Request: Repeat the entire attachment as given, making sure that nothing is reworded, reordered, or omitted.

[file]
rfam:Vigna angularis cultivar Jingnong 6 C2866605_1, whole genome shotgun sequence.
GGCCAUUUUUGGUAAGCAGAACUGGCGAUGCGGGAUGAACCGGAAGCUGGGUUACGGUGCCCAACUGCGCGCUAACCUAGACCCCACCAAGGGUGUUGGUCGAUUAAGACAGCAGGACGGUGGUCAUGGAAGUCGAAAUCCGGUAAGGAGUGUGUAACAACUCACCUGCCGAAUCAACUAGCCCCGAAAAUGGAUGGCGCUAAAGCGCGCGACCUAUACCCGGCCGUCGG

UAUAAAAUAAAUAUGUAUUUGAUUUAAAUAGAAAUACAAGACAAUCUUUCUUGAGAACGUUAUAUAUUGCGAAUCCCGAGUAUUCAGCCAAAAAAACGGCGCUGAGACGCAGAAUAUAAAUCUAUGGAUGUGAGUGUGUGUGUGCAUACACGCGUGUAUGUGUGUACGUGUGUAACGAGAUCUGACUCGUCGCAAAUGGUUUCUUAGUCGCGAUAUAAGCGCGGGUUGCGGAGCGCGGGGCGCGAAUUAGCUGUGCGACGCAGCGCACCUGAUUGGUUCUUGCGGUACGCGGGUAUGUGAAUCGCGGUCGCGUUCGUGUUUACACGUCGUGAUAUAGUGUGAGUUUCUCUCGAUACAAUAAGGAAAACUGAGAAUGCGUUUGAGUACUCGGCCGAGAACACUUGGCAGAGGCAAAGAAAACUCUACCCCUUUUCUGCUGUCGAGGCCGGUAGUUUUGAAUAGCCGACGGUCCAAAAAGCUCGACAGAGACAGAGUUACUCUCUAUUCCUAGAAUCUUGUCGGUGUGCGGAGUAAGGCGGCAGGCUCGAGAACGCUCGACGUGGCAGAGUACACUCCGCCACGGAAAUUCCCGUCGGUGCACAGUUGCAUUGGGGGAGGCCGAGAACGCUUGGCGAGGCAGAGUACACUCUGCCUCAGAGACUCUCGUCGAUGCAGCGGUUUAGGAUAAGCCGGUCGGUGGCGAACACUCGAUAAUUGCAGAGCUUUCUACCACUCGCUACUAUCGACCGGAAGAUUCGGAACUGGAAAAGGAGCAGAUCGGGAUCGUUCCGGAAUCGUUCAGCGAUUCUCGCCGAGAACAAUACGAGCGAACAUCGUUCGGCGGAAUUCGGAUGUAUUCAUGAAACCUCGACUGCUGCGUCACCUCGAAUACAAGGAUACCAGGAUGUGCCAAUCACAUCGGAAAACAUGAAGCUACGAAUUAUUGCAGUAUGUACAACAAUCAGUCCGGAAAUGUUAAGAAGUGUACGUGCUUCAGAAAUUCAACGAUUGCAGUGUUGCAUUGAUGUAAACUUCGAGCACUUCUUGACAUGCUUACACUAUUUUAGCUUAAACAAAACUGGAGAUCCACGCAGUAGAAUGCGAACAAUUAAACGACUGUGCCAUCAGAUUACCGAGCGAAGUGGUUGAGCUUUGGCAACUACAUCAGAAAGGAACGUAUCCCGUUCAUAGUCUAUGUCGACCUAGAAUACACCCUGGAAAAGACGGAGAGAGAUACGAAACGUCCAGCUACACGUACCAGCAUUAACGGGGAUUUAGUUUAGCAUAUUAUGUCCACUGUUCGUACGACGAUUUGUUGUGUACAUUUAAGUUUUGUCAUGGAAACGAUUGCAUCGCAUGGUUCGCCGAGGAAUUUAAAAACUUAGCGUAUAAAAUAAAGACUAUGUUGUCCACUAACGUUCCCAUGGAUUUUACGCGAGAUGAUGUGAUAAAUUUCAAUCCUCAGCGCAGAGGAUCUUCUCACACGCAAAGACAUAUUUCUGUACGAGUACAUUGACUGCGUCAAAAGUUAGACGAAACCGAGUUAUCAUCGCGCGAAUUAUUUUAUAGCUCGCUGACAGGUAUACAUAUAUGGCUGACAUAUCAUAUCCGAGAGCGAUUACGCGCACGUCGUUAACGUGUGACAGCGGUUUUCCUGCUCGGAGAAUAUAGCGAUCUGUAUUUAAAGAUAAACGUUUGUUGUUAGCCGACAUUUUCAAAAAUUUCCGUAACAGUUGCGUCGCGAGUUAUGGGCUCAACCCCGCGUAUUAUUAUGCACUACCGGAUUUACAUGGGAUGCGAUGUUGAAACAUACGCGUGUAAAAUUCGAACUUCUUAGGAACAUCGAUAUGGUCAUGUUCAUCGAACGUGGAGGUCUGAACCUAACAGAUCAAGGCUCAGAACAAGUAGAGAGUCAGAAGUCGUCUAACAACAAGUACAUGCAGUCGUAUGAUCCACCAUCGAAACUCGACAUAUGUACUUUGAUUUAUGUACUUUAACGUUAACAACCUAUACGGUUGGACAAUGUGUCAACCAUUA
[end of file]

rfam:Vigna angularis cultivar Jingnong 6 C2866605_1, whole genome shotgun sequence.
GGCCAUUUUUGGUAAGCAGAACUGGCGAUGCGGGAUGAACCGGAAGCUGGGUUACGGUGCCCAACUGCGCGCUAACCUAGACCCCACCAAGGGUGUUGGUCGAUUAAGACAGCAGGACGGUGGUCAUGGAAGUCGAAAUCCGGUAAGGAGUGUGUAACAACUCACCUGCCGAAUCAACUAGCCCCGAAAAUGGAUGGCGCUAAAGCGCGCGACCUAUACCCGGCCGUCGG

UAUAAAAUAAAUAUGUAUUUGAUUUAAAUAGAAAUACAAGACAAUCUUUCUUGAGAACGUUAUAUAUUGCGAAUCCCGAGUAUUCAGCCAAAAAAACGGCGCUGAGACGCAGAAUAUAAAUCUAUGGAUGUGAGUGUGUGUGUGCAUACACGCGUGUAUGUGUGUACGUGUGUAACGAGAUCUGACUCGUCGCAAAUGGUUUCUUAGUCGCGAUAUAAGCGCGGGUUGCGGAGCGCGGGGCGCGAAUUAGCUGUGCGACGCAGCGCACCUGAUUGGUUCUUGCGGUACGCGGGUAUGUGAAUCGCGGUCGCGUUCGUGUUUACACGUCGUGAUAUAGUGUGAGUUUCUCUCGAUACAAUAAGGAAAACUGAGAAUGCGUUUGAGUACUCGGCCGAGAACACUUGGCAGAGGCAAAGAAAACUCUACCCCUUUUCUGCUGUCGAGGCCGGUAGUUUUGAAUAGCCGACGGUCCAAAAAGCUCGACAGAGACAGAGUUACUCUCUAUUCCUAGAAUCUUGUCGGUGUGCGGAGUAAGGCGGCAGGCUCGAGAACGCUCGACGUGGCAGAGUACACUCCGCCACGGAAAUUCCCGUCGGUGCACAGUUGCAUUGGGGGAGGCCGAGAACGCUUGGCGAGGCAGAGUACACUCUGCCUCAGAGACUCUCGUCGAUGCAGCGGUUUAGGAUAAGCCGGUCGGUGGCGAACACUCGAUAAUUGCAGAGCUUUCUACCACUCGCUACUAUCGACCGGAAGAUUCGGAACUGGAAAAGGAGCAGAUCGGGAUCGUUCCGGAAUCGUUCAGCGAUUCUCGCCGAGAACAAUACGAGCGAACAUCGUUCGGCGGAAUUCGGAUGUAUUCAUGAAACCUCGACUGCUGCGUCACCUCGAAUACAAGGAUACCAGGAUGUGCCAAUCACAUCGGAAAACAUGAAGCUACGAAUUAUUGCAGUAUGUACAACAAUCAGUCCGGAAAUGUUAAGAAGUGUACGUGCUUCAGAAAUUCAACGAUUGCAGUGUUGCAUUGAUGUAAACUUCGAGCACUUCUUGACAUGCUUACACUAUUUUAGCUUAAACAAAACUGGAGAUCCACGCAGUAGAAUGCGAACAAUUAAACGACUGUGCCAUCAGAUUACCGAGCGAAGUGGUUGAGCUUUGGCAACUACAUCAGAAAGGAACGUAUCCCGUUCAUAGUCUAUGUCGACCUAGAAUACACCCUGGAAAAGACGGAGAGAGAUACGAAACGUCCAGCUACACGUACCAGCAUUAACGGGGAUUUAGUUUAGCAUAUUAUGUCCACUGUUCGUACGACGAUUUGUUGUGUACAUUUAAGUUUUGUCAUGGAAACGAUUGCAUCGCAUGGUUCGCCGAGGAAUUUAAAAACUUAGCGUAUAAAAUAAAGACUAUGUUGUCCACUAACGUUCCCAUGGAUUUUACGCGAGAUGAUGUGAUAAAUUUCAAUCCUCAGCGCAGAGGAUCUUCUCACACGCAAAGACAUAUUUCUGUACGAGUACAUUGACUGCGUCAAAAGUUAGACGAAACCGAGUUAUCAUCGCGCGAAUUAUUUUAUAGCUCGCUGACAGGUAUACAUAUAUGGCUGACAUAUCAUAUCCGAGAGCGAUUACGCGCACGUCGUUAACGUGUGACAGCGGUUUUCCUGCUCGGAGAAUAUAGCGAUCUGUAUUUAAAGAUAAACGUUUGUUGUUAGCCGACAUUUUCAAAAAUUUCCGUAACAGUUGCGUCGCGAGUUAUGGGCUCAACCCCGCGUAUUAUUAUGCACUACCGGAUUUACAUGGGAUGCGAUGUUGAAACAUACGCGUGUAAAAUUCGAACUUCUUAGGAACAUCGAUAUGGUCAUGUUCAUCGAACGUGGAGGUCUGAACCUAACAGAUCAAGGCUCAGAACAAGUAGAGAGUCAGAAGUCGUCUAACAACAAGUACAUGCAGUCGUAUGAUCCACCAUCGAAACUCGACAUAUGUACUUUGAUUUAUGUACUUUAACGUUAACAACCUAUACGGUUGGACAAUGUGUCAACCAUUA